July 29, 2014

Display symbolizes cost of war

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Thousands of flags show U.S. death toll

By Greg Elias
Observer staff

It’s a striking but mysterious sight: thousands of yellow utility flags planted in a snow-covered field next to a weathered barn on North Williston Road.

The display is easily visible to the thousands of motorists traveling the stretch just north of Mountain View Road each day. But what are the tiny flags, which are usually used to mark gas lines, doing there? And why so many?

Pat Brown, who lives in the adjacent farmhouse and owns the property, has the answers.

There are 3,066 flags, he explained, one to mark each American killed in the Iraq war. (The Associated Press reported on Tuesday that the number had risen to 3,086.)

“I put them there because I didn’t think the media were reminding people often enough that people are dying every day,” he said.

Brown said he deliberately omitted obvious indications of the flags’ purpose because he wanted viewers to draw their own conclusions.

“I purposely didn’t put any sign out because I just wanted people to think,” he said.

Brown’s views on the war are as opaque as his display.

“I’d rather not say,” he said. “I put it out there because the war is an interesting issue. I don’t think the media are doing enough to teach us about what is going on.”

The flags have drawn reactions from a few passing motorists. Brown said some have stopped to ask about the flags’ purpose. One person driving a military vehicle snapped photographs.

Jericho resident Jill Cronkrite-Potvin sent an e-mail to the Observer asking about the flags, which she passes during her commute to South Burlington. She correctly guessed their purpose but wondered if the newspaper knew anything about the display.

In a follow-up e-mail, she said she first noticed the flags in the early fall.

“I remember thinking that if that is what they symbolized, there would be more every day,” she wrote. “The flags have been a reminder to me of my own father’s service to our country in the Navy during WWII, as well as the sacrifice of more recent veterans and their families.”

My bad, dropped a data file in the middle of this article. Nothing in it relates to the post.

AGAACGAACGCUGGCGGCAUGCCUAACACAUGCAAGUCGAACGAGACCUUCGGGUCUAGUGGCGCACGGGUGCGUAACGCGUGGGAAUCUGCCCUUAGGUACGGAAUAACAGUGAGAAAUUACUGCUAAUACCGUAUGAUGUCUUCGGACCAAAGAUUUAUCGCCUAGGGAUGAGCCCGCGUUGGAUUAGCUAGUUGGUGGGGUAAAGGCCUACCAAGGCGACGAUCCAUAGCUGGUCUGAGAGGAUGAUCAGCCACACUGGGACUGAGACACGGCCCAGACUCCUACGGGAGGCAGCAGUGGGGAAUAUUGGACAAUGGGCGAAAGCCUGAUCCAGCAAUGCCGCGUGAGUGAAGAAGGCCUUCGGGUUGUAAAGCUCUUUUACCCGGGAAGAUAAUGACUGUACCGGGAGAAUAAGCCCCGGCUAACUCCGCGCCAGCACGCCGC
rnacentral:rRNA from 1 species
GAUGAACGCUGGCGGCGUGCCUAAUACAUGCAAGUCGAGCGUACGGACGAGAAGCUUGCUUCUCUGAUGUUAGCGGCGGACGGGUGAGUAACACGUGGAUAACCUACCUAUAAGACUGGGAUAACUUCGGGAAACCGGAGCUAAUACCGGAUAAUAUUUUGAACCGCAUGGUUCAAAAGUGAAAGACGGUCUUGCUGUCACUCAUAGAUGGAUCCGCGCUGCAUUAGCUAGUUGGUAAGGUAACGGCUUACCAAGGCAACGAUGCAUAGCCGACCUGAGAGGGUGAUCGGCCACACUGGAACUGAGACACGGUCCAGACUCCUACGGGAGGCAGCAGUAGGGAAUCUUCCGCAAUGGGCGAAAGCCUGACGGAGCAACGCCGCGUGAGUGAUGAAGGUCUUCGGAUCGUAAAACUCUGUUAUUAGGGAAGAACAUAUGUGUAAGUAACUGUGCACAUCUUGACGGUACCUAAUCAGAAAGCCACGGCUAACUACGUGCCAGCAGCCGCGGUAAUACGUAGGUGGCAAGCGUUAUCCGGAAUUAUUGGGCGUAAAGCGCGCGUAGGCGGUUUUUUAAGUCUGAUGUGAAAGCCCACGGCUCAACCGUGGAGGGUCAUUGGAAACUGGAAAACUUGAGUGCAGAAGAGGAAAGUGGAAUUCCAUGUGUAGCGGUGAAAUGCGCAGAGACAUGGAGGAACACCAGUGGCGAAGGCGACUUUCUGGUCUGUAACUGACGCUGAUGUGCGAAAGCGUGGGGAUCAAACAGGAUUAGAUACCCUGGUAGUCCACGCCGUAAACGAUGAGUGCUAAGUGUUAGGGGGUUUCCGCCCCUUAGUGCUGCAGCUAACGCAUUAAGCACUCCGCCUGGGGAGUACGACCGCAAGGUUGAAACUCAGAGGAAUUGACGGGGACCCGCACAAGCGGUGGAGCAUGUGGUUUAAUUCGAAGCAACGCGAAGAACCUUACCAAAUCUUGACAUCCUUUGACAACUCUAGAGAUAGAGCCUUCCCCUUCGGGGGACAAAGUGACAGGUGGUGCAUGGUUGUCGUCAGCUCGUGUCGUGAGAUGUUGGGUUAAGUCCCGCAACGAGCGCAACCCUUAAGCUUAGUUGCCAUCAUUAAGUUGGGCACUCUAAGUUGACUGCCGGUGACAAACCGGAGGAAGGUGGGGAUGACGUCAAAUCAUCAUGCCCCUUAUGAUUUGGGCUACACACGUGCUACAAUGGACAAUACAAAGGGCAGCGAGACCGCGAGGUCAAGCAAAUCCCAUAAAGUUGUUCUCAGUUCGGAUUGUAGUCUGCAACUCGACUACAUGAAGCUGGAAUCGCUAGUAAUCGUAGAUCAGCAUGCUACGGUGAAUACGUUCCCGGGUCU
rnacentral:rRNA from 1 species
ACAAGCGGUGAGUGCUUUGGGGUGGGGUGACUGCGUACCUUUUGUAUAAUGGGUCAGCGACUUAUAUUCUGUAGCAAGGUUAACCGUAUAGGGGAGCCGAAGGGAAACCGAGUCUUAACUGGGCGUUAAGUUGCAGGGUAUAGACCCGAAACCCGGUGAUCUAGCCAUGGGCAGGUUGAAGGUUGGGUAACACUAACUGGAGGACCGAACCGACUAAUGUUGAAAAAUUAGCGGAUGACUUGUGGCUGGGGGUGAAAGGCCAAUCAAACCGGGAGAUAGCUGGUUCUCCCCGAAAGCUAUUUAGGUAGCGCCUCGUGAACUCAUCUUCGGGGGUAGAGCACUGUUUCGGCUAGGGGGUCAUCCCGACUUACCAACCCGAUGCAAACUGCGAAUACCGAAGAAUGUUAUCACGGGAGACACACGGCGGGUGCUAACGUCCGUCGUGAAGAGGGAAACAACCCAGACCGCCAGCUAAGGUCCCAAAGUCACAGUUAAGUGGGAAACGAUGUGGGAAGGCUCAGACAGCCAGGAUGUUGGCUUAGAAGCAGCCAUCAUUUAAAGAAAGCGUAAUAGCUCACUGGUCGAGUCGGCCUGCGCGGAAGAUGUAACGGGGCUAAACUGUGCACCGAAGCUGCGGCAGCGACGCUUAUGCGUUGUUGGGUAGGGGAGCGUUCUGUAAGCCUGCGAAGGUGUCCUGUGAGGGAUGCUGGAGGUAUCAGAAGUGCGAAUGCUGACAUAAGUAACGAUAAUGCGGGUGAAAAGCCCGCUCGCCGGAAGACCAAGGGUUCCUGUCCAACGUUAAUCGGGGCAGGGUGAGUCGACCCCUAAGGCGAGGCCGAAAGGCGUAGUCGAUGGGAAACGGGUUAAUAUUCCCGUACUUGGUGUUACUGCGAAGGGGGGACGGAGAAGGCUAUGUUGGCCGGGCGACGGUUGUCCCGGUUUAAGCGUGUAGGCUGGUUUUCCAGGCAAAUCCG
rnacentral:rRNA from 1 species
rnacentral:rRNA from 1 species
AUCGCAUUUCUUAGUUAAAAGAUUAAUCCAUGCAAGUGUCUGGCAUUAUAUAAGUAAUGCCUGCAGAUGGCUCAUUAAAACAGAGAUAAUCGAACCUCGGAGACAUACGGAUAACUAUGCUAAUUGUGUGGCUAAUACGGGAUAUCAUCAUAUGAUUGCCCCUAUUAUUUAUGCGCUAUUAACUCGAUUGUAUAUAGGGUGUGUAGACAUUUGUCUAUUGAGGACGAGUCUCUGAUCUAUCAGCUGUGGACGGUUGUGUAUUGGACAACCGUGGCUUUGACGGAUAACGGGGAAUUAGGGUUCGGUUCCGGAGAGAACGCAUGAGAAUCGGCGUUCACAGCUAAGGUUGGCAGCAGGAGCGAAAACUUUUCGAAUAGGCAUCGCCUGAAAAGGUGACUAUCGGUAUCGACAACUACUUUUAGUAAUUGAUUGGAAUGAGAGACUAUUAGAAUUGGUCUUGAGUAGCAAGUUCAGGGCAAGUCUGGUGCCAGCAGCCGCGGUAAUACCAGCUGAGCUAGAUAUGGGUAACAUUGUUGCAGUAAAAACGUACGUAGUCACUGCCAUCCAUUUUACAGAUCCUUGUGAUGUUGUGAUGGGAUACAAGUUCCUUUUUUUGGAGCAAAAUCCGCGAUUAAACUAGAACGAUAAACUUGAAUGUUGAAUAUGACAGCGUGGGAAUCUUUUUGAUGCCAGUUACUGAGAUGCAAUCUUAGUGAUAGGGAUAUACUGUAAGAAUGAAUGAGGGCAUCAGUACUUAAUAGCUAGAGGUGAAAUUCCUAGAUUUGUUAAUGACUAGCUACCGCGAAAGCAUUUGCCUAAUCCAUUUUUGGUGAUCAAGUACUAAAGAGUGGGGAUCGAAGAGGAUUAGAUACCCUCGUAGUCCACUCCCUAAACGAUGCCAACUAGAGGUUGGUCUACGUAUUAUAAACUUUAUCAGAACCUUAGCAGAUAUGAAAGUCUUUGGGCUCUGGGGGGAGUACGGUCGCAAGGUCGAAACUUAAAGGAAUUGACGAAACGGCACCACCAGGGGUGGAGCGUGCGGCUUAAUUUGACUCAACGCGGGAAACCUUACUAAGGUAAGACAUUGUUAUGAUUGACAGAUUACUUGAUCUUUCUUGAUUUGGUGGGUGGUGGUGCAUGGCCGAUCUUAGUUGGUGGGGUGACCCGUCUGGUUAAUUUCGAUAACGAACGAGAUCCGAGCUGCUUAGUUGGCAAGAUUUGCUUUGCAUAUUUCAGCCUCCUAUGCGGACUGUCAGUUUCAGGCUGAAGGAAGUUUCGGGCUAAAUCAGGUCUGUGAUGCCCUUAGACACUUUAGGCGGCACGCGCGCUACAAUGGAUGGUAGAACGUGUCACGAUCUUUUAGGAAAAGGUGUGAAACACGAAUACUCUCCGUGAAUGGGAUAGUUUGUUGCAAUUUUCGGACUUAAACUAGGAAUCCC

Brown, 55, is director of student life at the University of Vermont. He is married to Amy Huntington, a children’s book author. The couple have two grown children.

Huntington said the flags, purchased on the Internet for a couple of hundred dollars, were her husband’s idea. She said she supports the display and its thought-provoking nature.

“It’s so easy to forget (the death toll),” she said. “On the news, you get a little blip that so many people died in Iraq. It’s not an anti-war thing so much as you want people to remember what it’s all about.”

Polls show that a majority of Americans oppose the war. Protesters numbering in the tens of thousands marched to the U.S. Capitol on Saturday. Hundreds of Vermonters participated.

Brown said he started displaying the flags after Thanksgiving. He has since occasionally added flags to reflect the latest death toll, most recently on Sunday.

As a college student in the 1960s, Brown said he was involved with Vietnam War protests “until they turned violent.” He said he also protested nuclear power during the 1970s.

Huntington said her husband “is the kind of person who gets fired up” about issues like the war in Iraq.

She also declined to voice her opinion about the conflict, but likened it to Vietnam.

“We remember the Vietnam War,” she said. “And now we have kids. It’s another generation and it’s happening again.”

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